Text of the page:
After Sunday’s launch, SpaceX is on the cusp of a historic reuse milestone
SpaceX launched another batch of Starlink satellites early on Sunday morning and, in doing so, came close to a substantial rocket reuse milestone. The first stage of the Falcon 9 rocket that lofted this payload toward orbit, Booster no. 1051, was making its ninth flight. It successfully landed on the Of Course I Still Love You droneship.
As this is the first Falcon 9 rocket to launch nine missions, it raises the prospect of a first stage making a tenth flight in the near future, probably within a month or two. Reaching ten flights would accomplish one of the main goals set by SpaceX with the Falcon 9 rocket, after optimizing the vehicle for reuse about three years ago.
The company debuted its “Block 5” version of the Falcon 9 rocket in May 2018, and since then this vehicle has flown 55 missions, all of which have successfully delivered their payloads to orbit. More importantly, the changes SpaceX engineers incorporated into this new rocket to ensure its robustness for reuse, such as strengthening its “Octaweb” engine bay, have largely been validated.
“For those that know rockets, this is a ridiculously hard thing,” SpaceX founder Elon Musk said during a teleconference with reporters in 2018 to discuss the Block 5 upgrades. “It has taken us since, man, since 2002. Sixteen years of extreme effort and many, many iterations, and thousands of small but important development changes to get to where we think this is even possible.” He paused for a second, and then added, “Crazy hard.”
At the time, Musk set two primary goals for the Falcon 9 rocket’s first stage. He wanted to fly each vehicle 10 times before needing significant maintenance. And he hoped to reach the point at which a Falcon 9 rocket could be turned around and re-flown within 24 hours.
SpaceX appears to have made good progress toward the first goal. Although the company has not disclosed how much maintenance it does to Falcon 9 first stages between launches, or how often a Merlin engine is replaced, the cores have proven to be reliable and robust. Numerous Falcon 9 first stages have now flown more than five times.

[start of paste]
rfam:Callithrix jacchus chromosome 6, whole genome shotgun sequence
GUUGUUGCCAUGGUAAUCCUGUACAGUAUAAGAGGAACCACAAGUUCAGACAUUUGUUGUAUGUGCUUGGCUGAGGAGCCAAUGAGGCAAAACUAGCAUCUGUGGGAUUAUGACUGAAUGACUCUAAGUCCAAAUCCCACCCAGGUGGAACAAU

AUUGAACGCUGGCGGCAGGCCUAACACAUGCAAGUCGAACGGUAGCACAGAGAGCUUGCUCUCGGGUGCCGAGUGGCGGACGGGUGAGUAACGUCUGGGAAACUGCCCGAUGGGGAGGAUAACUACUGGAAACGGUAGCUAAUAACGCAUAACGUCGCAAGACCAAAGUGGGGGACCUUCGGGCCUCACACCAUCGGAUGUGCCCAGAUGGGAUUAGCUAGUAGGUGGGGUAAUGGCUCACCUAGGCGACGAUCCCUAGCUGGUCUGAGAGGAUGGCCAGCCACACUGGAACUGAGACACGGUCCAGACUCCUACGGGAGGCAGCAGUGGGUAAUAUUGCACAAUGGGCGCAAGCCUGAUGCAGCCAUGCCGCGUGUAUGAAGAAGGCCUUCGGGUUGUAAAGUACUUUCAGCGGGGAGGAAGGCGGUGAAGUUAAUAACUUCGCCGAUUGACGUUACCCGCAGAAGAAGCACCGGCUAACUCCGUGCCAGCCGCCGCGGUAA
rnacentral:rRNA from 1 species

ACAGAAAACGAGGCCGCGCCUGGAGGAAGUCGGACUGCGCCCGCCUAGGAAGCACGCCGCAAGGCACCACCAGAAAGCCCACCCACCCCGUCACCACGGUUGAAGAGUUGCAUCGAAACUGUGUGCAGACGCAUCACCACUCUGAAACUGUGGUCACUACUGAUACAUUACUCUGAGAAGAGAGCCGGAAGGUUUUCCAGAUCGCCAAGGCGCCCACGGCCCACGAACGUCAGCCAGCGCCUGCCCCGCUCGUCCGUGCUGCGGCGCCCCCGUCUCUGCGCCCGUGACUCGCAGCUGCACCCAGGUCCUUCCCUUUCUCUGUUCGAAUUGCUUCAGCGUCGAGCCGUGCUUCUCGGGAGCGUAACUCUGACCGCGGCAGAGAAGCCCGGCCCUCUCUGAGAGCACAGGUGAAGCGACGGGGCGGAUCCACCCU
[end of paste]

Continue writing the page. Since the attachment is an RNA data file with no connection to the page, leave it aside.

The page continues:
The company remains a ways from a 24-hour turnaround. Although it has trimmed the initial inspection and refurbishment time between flights from around six months to the current record of 27 days, it seems probable that SpaceX will not reach its 24-hour turnaround goal with the Falcon 9. Most likely, the company will take what it has learned from flying and reusing the Falcon 9, and transfer this aspiration for ultra-rapid reuse to the Starship vehicle SpaceX is currently developing in South Texas.
This ability to rapidly reuse the Falcon 9 rocket has allowed SpaceX to achieve a high cadence of launches in recent months with a fleet of fewer than 10 active boosters. So far in 2021, the company is averaging a launch every nine days, a remarkable cadence for a large orbital rocket. Another Falcon 9 launch may come as soon as this weekend.
SpaceX’s need to put thousands of Starlink Internet satellites into orbit—Sunday’s flight was the 21st launch of operational Starlink satellites—is driving the company’s manifest. Six of the company’s eight launches so far in 2021 have carried 60 Starlink satellites each.
Astronomers have raised concerns about the effect of these satellites on the night sky, and satellite experts worry about collisions between so many vehicles in low-Earth orbit. However there can be no doubt that the engineering required to get so many satellites into orbit so quickly is impressive. Musk noted on Twitter this weekend that SpaceX delivered twice as much payload into orbit in 2020 than the rest of the world combined and may lap the world three or even four times in 2021.
Listing image by SpaceX